14 May 2019
David Hastie (Senior Associate) & Emily Steiner (Senior Associate)
Our podcast looks at cladding issues and will focus on the VCAT decision in the Lacrosse dispute.
On 25 November 2014 a resident on the 8th floor of the Lacrosse Tower left a cigarette in a plastic container which caught alight. The fire quickly spread up the external cladding wall to the roof of the tower causing millions of dollars in damage. The inspections after the fire raised questions about the suitability of the combustible cladding used in the external façade wall. Almost five years after the fire took place VCAT has handed down its decision in relation to liability for the combustible cladding used in the Lacrosse building.
David and Emily, welcome. Can you tell us more about the decision?
So this case arose out of as you said, the fire that took place in the Lacrosse building in 2014. Around 200 owners claimed current and future losses of more than $12 million in connection with that fire. They said the builder, the building surveyor, the architect, the fire engineer and three other parties who weren’t actually represented at the VCAT proceeding including the person who lit the cigarette that initially set the fire off. As is pretty common knowledge at this stage, the primary issue was the use of aluminium composite panels for the external wall cladding. The owner sued the builder LU Simon for breach of the warranties imposed by section 8 of the Domestic Building Contracts Act, which are general implied warranties that apply to builders of all domestic building work including life scale domestic building work like that done for Lacrosse.
And Em I might chime in there that we obviously know in New South Wales there’s also, that’s reflected and replicated effectively by section 18B of the Home Building Actsthere as well.
Yes, so those warranties are essentially that, for example, the builder warrants that the work will be carried out in a proper and workmanlike manner in accordance with the plans and specifications in the contract.
Due care and skill – all that sort of thing.
So Judge Woodward at VCAT ordered that LU Simon pay to the owners just under $6 million because it had breached these implied warranties regarding materials, compliance with the law and fitness for purpose. But in an interesting plotline twist, LU Simon didn’t end up having to pay the majority of that – that’s because Judge Woodward found that the building surveyor, architect and fire engineer were concurrently liable for the losses suffered by the owners. So they were each found to have breached their respective consultancy agreements by failing to exercise due care and skill when it came to the specification in terms of the architect and approval of the ATPs for the fire engineer and building surveyor.
That’s right and I suppose it is very interesting when you have a look and break down those respective percentages. Obviously we’ve got the building surveyor – Gardner Group, they copped 33%, the architect, Eilenberg Fraser 25%, the fire engineer Thomas Nicholas 39% and now the individual whose cigarette actually started the fire was apportioned 3% but as you mentioned that was effectively worn by LU Simon.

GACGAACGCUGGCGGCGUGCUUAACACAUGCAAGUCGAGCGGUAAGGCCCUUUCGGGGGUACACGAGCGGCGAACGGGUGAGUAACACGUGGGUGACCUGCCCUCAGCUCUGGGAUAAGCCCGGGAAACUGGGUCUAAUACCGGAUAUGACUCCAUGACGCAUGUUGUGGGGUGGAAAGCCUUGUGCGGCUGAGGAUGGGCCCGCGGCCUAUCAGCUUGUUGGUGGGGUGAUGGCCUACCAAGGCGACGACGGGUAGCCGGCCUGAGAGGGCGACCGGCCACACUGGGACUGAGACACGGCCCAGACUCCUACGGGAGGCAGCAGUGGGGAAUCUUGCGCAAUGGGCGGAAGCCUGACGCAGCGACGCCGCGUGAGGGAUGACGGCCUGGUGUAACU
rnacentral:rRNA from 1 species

And that’s effectively just because it was an individual not a company who started the fire, so the individual wasn’t represented at VCAT and was unable to make payment of that 3% of the $6 million. That fell to LU Simon to pay, which is a pretty extraordinary outcome given that it was LU Simon that the claim was originally brought against. And if we are being honest, I’m not sure that much of the construction industry expected that this would be the outcome.
No, definitely – obviously what we would always do is try and take contribution downstream, but for it to play out like it did was quite fascinating to read in the decision of Justice Woodward.
And it should also be noted as well that the position was reserved on the remaining $7 million of the claim, so we will have to watch this space to see what comes out of that.
Thank you Emily and David for taking us through the VCAT decision. Are you able to tell us what would be some of the potential implications?
That’s a really good question Julia. I think importantly, coming out of this decision is the fact that Judge Woodward made it extremely clear that the judgment should be considered in context and with regard to the specific factual matrix of the case. It shouldn’t be taken as a general statement about how and where liability will fall in other cladding cases.
And I suppose Em I might jump in there too is that that is standard with your typical Belgrave v Eldridge analysis where you really do have to look at the facts before the court or the relevant tribunal and assess them.
Yes, absolutely, but having said that and putting at the forefront that that was how the decision was framed. What we can take away is I suppose most specifically to the cladding issue is that builders are now officially on notice of the risks associated with ACPs. So the judge in this case found that LU Simon had not failed to take reasonable care. Primarily because at the time that the ACPs were installed on Lacrosse there was a poor understanding among building professionals about the risks associated with ACPs, so there was no reason to expect a group of building professionals to have a better understanding to that of architects, building surveyors and fire engineers, who in this case were ultimately found to bear the brunt of the liability.
And let’s be clear, we are talking about pre-2014. This has more than played itself out in the media in recent years, so obviously there’s going to be a more stringent analysis by the relevant court and tribunal placed on any further litigation that might come before that respective court or tribunal, I would have thought.
Yes, absolutely I think builders are much more unlikely to enjoy this kind of leeway for too much longer given the now high profiles of the dangers of ACPs, particularly after the Lacrosse and Grenfell fires.